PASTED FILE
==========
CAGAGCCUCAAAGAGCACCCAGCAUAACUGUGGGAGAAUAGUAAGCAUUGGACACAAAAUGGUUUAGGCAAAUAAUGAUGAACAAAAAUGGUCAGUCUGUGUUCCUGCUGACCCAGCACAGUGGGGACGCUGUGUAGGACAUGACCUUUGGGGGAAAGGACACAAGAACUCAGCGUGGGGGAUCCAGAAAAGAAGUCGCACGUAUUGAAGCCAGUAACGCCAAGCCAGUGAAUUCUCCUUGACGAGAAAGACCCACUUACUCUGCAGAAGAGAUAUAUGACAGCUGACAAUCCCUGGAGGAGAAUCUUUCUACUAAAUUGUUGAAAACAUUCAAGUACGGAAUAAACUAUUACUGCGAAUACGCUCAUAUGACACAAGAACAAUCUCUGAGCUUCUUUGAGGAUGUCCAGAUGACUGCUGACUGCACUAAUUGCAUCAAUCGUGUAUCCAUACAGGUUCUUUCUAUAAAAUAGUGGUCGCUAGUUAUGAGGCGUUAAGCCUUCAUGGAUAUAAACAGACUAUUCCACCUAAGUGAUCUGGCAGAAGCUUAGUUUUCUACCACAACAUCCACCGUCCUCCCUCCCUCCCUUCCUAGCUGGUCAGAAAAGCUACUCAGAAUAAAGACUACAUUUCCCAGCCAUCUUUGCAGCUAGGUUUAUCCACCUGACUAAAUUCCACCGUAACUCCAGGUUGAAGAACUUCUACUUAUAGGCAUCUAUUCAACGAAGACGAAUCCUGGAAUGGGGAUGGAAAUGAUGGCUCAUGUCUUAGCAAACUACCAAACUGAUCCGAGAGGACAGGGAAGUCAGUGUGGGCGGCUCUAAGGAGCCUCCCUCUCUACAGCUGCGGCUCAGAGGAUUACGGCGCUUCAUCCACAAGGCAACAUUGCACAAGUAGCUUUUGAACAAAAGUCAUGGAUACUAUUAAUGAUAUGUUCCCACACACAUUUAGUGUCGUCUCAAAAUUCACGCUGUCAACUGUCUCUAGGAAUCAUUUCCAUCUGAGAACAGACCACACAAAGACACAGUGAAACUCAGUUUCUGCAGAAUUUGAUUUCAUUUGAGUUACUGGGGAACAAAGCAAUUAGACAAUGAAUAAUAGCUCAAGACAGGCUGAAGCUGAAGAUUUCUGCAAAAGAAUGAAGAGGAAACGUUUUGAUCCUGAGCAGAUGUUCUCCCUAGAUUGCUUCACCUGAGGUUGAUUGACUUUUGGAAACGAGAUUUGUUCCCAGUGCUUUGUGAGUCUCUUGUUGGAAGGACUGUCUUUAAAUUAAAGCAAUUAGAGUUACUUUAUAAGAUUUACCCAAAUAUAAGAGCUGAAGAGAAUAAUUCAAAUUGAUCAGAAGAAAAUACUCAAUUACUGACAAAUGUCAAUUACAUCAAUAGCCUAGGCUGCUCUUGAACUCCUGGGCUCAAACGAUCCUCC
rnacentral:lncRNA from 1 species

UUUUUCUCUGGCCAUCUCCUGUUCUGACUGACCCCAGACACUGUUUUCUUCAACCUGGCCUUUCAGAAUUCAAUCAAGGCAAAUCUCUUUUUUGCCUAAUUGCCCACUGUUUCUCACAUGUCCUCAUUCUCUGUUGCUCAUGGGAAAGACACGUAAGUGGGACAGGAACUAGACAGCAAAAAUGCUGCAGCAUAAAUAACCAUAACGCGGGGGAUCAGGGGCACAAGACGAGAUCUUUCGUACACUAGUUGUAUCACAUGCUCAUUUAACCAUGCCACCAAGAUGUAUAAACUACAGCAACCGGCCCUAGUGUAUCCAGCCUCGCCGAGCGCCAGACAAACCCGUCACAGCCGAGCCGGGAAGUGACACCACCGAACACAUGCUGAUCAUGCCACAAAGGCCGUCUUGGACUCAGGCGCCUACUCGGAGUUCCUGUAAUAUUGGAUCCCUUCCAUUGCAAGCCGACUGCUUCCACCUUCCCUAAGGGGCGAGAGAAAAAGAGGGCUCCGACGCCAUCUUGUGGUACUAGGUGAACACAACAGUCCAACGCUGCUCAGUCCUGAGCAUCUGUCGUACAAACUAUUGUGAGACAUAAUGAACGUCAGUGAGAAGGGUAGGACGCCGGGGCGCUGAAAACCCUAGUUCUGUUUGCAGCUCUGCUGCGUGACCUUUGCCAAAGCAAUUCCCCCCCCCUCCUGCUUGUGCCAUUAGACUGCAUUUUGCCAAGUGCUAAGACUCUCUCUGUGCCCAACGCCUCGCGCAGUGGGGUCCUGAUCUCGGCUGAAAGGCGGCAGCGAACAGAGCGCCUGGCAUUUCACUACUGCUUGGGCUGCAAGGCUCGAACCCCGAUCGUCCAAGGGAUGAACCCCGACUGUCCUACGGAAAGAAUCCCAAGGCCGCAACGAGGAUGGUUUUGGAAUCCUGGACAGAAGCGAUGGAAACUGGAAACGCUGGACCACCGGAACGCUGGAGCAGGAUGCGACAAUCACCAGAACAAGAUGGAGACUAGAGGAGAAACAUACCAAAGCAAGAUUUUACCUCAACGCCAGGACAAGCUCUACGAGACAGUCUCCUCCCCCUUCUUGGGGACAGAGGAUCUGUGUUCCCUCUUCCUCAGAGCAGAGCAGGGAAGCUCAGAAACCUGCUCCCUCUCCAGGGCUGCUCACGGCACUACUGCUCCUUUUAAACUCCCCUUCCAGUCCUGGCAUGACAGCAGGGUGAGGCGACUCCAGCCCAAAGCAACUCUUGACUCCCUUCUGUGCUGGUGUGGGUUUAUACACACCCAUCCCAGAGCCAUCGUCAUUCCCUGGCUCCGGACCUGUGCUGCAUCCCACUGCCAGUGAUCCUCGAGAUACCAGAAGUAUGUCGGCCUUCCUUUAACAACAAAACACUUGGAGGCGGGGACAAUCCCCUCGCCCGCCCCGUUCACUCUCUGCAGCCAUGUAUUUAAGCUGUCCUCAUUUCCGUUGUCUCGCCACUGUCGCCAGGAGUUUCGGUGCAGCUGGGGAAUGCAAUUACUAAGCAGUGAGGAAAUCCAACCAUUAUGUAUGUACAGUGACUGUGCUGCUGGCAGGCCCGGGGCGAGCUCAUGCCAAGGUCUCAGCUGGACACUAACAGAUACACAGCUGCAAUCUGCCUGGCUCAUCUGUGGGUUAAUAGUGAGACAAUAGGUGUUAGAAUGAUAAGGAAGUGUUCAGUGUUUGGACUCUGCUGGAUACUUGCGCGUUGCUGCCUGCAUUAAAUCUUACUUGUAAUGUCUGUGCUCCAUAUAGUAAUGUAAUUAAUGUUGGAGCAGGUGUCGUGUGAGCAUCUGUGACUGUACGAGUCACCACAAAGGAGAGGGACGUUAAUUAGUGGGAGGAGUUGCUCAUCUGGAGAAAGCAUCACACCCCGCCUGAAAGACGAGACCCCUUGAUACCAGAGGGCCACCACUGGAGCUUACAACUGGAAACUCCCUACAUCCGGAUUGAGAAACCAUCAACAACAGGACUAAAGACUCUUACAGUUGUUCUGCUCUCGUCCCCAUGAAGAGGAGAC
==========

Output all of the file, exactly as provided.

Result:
CAGAGCCUCAAAGAGCACCCAGCAUAACUGUGGGAGAAUAGUAAGCAUUGGACACAAAAUGGUUUAGGCAAAUAAUGAUGAACAAAAAUGGUCAGUCUGUGUUCCUGCUGACCCAGCACAGUGGGGACGCUGUGUAGGACAUGACCUUUGGGGGAAAGGACACAAGAACUCAGCGUGGGGGAUCCAGAAAAGAAGUCGCACGUAUUGAAGCCAGUAACGCCAAGCCAGUGAAUUCUCCUUGACGAGAAAGACCCACUUACUCUGCAGAAGAGAUAUAUGACAGCUGACAAUCCCUGGAGGAGAAUCUUUCUACUAAAUUGUUGAAAACAUUCAAGUACGGAAUAAACUAUUACUGCGAAUACGCUCAUAUGACACAAGAACAAUCUCUGAGCUUCUUUGAGGAUGUCCAGAUGACUGCUGACUGCACUAAUUGCAUCAAUCGUGUAUCCAUACAGGUUCUUUCUAUAAAAUAGUGGUCGCUAGUUAUGAGGCGUUAAGCCUUCAUGGAUAUAAACAGACUAUUCCACCUAAGUGAUCUGGCAGAAGCUUAGUUUUCUACCACAACAUCCACCGUCCUCCCUCCCUCCCUUCCUAGCUGGUCAGAAAAGCUACUCAGAAUAAAGACUACAUUUCCCAGCCAUCUUUGCAGCUAGGUUUAUCCACCUGACUAAAUUCCACCGUAACUCCAGGUUGAAGAACUUCUACUUAUAGGCAUCUAUUCAACGAAGACGAAUCCUGGAAUGGGGAUGGAAAUGAUGGCUCAUGUCUUAGCAAACUACCAAACUGAUCCGAGAGGACAGGGAAGUCAGUGUGGGCGGCUCUAAGGAGCCUCCCUCUCUACAGCUGCGGCUCAGAGGAUUACGGCGCUUCAUCCACAAGGCAACAUUGCACAAGUAGCUUUUGAACAAAAGUCAUGGAUACUAUUAAUGAUAUGUUCCCACACACAUUUAGUGUCGUCUCAAAAUUCACGCUGUCAACUGUCUCUAGGAAUCAUUUCCAUCUGAGAACAGACCACACAAAGACACAGUGAAACUCAGUUUCUGCAGAAUUUGAUUUCAUUUGAGUUACUGGGGAACAAAGCAAUUAGACAAUGAAUAAUAGCUCAAGACAGGCUGAAGCUGAAGAUUUCUGCAAAAGAAUGAAGAGGAAACGUUUUGAUCCUGAGCAGAUGUUCUCCCUAGAUUGCUUCACCUGAGGUUGAUUGACUUUUGGAAACGAGAUUUGUUCCCAGUGCUUUGUGAGUCUCUUGUUGGAAGGACUGUCUUUAAAUUAAAGCAAUUAGAGUUACUUUAUAAGAUUUACCCAAAUAUAAGAGCUGAAGAGAAUAAUUCAAAUUGAUCAGAAGAAAAUACUCAAUUACUGACAAAUGUCAAUUACAUCAAUAGCCUAGGCUGCUCUUGAACUCCUGGGCUCAAACGAUCCUCC
rnacentral:lncRNA from 1 species

UUUUUCUCUGGCCAUCUCCUGUUCUGACUGACCCCAGACACUGUUUUCUUCAACCUGGCCUUUCAGAAUUCAAUCAAGGCAAAUCUCUUUUUUGCCUAAUUGCCCACUGUUUCUCACAUGUCCUCAUUCUCUGUUGCUCAUGGGAAAGACACGUAAGUGGGACAGGAACUAGACAGCAAAAAUGCUGCAGCAUAAAUAACCAUAACGCGGGGGAUCAGGGGCACAAGACGAGAUCUUUCGUACACUAGUUGUAUCACAUGCUCAUUUAACCAUGCCACCAAGAUGUAUAAACUACAGCAACCGGCCCUAGUGUAUCCAGCCUCGCCGAGCGCCAGACAAACCCGUCACAGCCGAGCCGGGAAGUGACACCACCGAACACAUGCUGAUCAUGCCACAAAGGCCGUCUUGGACUCAGGCGCCUACUCGGAGUUCCUGUAAUAUUGGAUCCCUUCCAUUGCAAGCCGACUGCUUCCACCUUCCCUAAGGGGCGAGAGAAAAAGAGGGCUCCGACGCCAUCUUGUGGUACUAGGUGAACACAACAGUCCAACGCUGCUCAGUCCUGAGCAUCUGUCGUACAAACUAUUGUGAGACAUAAUGAACGUCAGUGAGAAGGGUAGGACGCCGGGGCGCUGAAAACCCUAGUUCUGUUUGCAGCUCUGCUGCGUGACCUUUGCCAAAGCAAUUCCCCCCCCCUCCUGCUUGUGCCAUUAGACUGCAUUUUGCCAAGUGCUAAGACUCUCUCUGUGCCCAACGCCUCGCGCAGUGGGGUCCUGAUCUCGGCUGAAAGGCGGCAGCGAACAGAGCGCCUGGCAUUUCACUACUGCUUGGGCUGCAAGGCUCGAACCCCGAUCGUCCAAGGGAUGAACCCCGACUGUCCUACGGAAAGAAUCCCAAGGCCGCAACGAGGAUGGUUUUGGAAUCCUGGACAGAAGCGAUGGAAACUGGAAACGCUGGACCACCGGAACGCUGGAGCAGGAUGCGACAAUCACCAGAACAAGAUGGAGACUAGAGGAGAAACAUACCAAAGCAAGAUUUUACCUCAACGCCAGGACAAGCUCUACGAGACAGUCUCCUCCCCCUUCUUGGGGACAGAGGAUCUGUGUUCCCUCUUCCUCAGAGCAGAGCAGGGAAGCUCAGAAACCUGCUCCCUCUCCAGGGCUGCUCACGGCACUACUGCUCCUUUUAAACUCCCCUUCCAGUCCUGGCAUGACAGCAGGGUGAGGCGACUCCAGCCCAAAGCAACUCUUGACUCCCUUCUGUGCUGGUGUGGGUUUAUACACACCCAUCCCAGAGCCAUCGUCAUUCCCUGGCUCCGGACCUGUGCUGCAUCCCACUGCCAGUGAUCCUCGAGAUACCAGAAGUAUGUCGGCCUUCCUUUAACAACAAAACACUUGGAGGCGGGGACAAUCCCCUCGCCCGCCCCGUUCACUCUCUGCAGCCAUGUAUUUAAGCUGUCCUCAUUUCCGUUGUCUCGCCACUGUCGCCAGGAGUUUCGGUGCAGCUGGGGAAUGCAAUUACUAAGCAGUGAGGAAAUCCAACCAUUAUGUAUGUACAGUGACUGUGCUGCUGGCAGGCCCGGGGCGAGCUCAUGCCAAGGUCUCAGCUGGACACUAACAGAUACACAGCUGCAAUCUGCCUGGCUCAUCUGUGGGUUAAUAGUGAGACAAUAGGUGUUAGAAUGAUAAGGAAGUGUUCAGUGUUUGGACUCUGCUGGAUACUUGCGCGUUGCUGCCUGCAUUAAAUCUUACUUGUAAUGUCUGUGCUCCAUAUAGUAAUGUAAUUAAUGUUGGAGCAGGUGUCGUGUGAGCAUCUGUGACUGUACGAGUCACCACAAAGGAGAGGGACGUUAAUUAGUGGGAGGAGUUGCUCAUCUGGAGAAAGCAUCACACCCCGCCUGAAAGACGAGACCCCUUGAUACCAGAGGGCCACCACUGGAGCUUACAACUGGAAACUCCCUACAUCCGGAUUGAGAAACCAUCAACAACAGGACUAAAGACUCUUACAGUUGUUCUGCUCUCGUCCCCAUGAAGAGGAGAC